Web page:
During the ten years of personal recovery and ministry to pastors and their spouses, the director of CRN has encountered lots of pain. There is no shortage of pastors who are hurting deeply. What about their spouses? It is our experience the spouses of clergy are hurting at a deeper level of agony. Their voices have often gone unheeded, their pain, their desires, their needs and their longings have been set aside because of the urgency and pressure of ministry. This is also true when a pastor finds it necessary to seek recovery and help.
Too often the spouse and her needs are once again marginalized. Resources are short, the pastoral recovery is necessitated by his career and the availability of quality affordable help for these selfless spouses is scarce. Dear spouse, know you matter and there is hope.
Spouses are hurting for many reasons but at least four surface regularly at the Clergy Recovery Network. First spouses hurt because of their own issues. Their weaknesses, failures, addictions and sin of course hurt them, their husbands and the ministry. The experience of CRN is this pain is the least prevalent and severe among ministry spouses.
Another category of spousal pain is the pain caused intentionally and unintentionally by oppressive pastor husbands. Spouses are often silenced by non biblical male domination and the necessity to submit for the good of their pastor husbands and the churches. Spouses are squashed by the weight of non biblical systems which use the Bible to teach a submission which is really oppression and abuse. When wives up against this begin to take care of themselves and seek empowerment to be all God wants them to be as women, spouses and healers they often meet severe challenges at home and in their churches.
Husbands who think they are following the biblical tradition of Ephesians 5 find it all too easy to explain to themselves and their hurting wives the problems encountered in the marriage are their wives faults. They say things like, “If she would just do better, be more, try harder and be sweeter”. Male pastors whose ministries are fueled by selfish ambition or fear of failure seek to quiet their wives concerns using the guise of assumed biblical authority. When he and others use the Bible this way it becomes the worst kind of spiritual abuse. Pushing a wife to become a doormat for the sake of the ministry is a brutal violation of Ephesians 5.
The third main category of spousal pain is the pain which results from the clergyman’s weakness, failure, sin or addictions. Spouses, for example, are often the first to discover the Internet abuse of their pastor husbands. We have worked with many wives who have repeatedly caught their husbands using porn and been silenced. For the good of the church, the children or the Lord their pastor husbands plead with them or require them to join them in the secret. We are not suggesting or implying every time a wife catches a husband doing something inappropriate the wise thing to do is to disclose the matter to the church Board but when secrets are kept and sins repeated and repeated something must be done.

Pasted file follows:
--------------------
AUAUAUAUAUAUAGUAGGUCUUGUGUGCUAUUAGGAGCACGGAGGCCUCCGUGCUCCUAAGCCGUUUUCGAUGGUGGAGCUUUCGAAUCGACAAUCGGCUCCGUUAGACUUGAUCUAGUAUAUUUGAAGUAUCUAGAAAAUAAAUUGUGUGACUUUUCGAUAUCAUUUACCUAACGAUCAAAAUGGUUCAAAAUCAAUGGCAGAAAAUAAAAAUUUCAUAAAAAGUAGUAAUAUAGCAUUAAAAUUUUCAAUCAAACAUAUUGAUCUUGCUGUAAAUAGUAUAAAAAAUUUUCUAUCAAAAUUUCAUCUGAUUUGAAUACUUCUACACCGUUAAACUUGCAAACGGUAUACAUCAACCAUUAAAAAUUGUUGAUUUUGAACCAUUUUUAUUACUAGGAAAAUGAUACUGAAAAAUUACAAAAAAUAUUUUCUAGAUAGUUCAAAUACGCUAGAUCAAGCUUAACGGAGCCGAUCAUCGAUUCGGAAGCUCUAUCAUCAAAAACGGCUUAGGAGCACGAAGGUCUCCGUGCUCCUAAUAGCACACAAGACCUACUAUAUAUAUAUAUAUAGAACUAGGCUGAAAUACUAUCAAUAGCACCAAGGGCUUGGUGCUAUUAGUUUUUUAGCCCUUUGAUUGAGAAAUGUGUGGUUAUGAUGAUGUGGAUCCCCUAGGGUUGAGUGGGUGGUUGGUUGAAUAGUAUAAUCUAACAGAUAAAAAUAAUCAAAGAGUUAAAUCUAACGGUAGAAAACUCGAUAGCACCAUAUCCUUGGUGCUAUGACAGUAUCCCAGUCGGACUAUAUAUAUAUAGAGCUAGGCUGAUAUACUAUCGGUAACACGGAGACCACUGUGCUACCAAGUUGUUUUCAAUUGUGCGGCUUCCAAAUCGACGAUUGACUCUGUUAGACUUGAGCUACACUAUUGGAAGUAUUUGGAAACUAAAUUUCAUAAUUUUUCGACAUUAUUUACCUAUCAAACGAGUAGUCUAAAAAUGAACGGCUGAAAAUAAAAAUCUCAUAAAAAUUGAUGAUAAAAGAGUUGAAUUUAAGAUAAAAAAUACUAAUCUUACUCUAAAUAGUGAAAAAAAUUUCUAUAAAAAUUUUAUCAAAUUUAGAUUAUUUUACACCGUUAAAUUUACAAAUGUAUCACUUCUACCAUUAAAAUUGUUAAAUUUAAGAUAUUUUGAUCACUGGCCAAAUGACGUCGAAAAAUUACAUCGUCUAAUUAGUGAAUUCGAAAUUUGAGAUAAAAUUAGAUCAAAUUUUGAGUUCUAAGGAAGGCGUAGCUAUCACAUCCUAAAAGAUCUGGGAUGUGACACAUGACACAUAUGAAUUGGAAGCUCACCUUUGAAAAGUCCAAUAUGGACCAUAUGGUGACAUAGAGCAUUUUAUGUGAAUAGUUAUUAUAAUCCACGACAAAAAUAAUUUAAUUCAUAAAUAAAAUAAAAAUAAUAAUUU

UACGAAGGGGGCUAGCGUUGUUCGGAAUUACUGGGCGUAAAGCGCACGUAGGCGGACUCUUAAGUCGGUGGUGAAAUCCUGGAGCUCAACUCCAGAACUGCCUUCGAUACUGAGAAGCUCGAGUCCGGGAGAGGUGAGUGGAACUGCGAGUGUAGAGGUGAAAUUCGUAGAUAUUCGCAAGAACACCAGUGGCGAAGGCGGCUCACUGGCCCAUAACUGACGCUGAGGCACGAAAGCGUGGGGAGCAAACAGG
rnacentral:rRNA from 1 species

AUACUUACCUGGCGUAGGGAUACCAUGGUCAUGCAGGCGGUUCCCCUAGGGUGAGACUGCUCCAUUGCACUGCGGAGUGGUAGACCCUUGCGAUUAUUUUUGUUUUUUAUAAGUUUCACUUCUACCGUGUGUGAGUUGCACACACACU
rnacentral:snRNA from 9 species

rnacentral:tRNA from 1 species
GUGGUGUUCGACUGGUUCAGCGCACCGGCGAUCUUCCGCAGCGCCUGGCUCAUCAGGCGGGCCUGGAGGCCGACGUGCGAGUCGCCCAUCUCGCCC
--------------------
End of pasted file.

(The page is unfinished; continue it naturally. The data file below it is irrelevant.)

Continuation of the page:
This creates a powerful dilemma for spouses. A spouse who seeks help for a husband who is harboring secret sin must stare down her own insecurity, must face the fact she could cause her husband to loose his career and must crank up tremendous courage to tell the truth. Some spouse who do all this and take a stand do not tell safe and helpful people and the abuse and secrets then continue. When pastors are hooked on sex, gambling, Internet use, violence or other secret sins a spouse must often choose to expose her husband and create instability for herself and her children in order gain the help necessary. Many pastors who were furious when they discovered their wives told someone at CRN what they were up against have come to appreciate their courageous steps toward family freedom.
A fourth category of spousal pain is the pain of a conflicted marriage. Ministry spouses have suffered miserable marriages for the sake of the ministry for centuries. How do you tell someone your pastor husband is a jerk? Pastors who work all the time, are not willing or able to interact intimately and lovingly with their spouses, or who are emotionally distant are not honoring the Lord or truly effective in ministry. If you are a spouse in such a marriage you feel trapped. There is something you can do. We encourage you to reach for help today. Wives are often the first to seek help. You can be one of them and join others on the recovery journey.
If you struggle as a clergy spouse under the weight of the ministry or the pain of personal or marital problems you need support. One means of support CRN provides is a forum for you and your peers to strengthen and encourage one another. Go to CRN Forums and join today. You may also talk via email with a spouse who has Been There, Done That. You may find a fellow ministry spouse who will share your pain. If your needs are more urgent go to the Finding Help page and assume you matter as much as any pastor who shows up at CRN. You do matter this much.
If you are the spouse of a pastor who is struggling with one of the topics in this section of our web site or with an issue which is not addressed here go to the Finding Help page and find the confidential help you need to know what to do next in your confusing setting. You deserve all the help you can find for your self and your spouse. You will find sound biblical empowerment and you will find hope. You are not stuck. Only your silence and not seeking help will hinder you from more hope and help than you imagined possible. You are not alone. Your voice matters. You can make a difference in your husband’s life and ministry. We trust you here.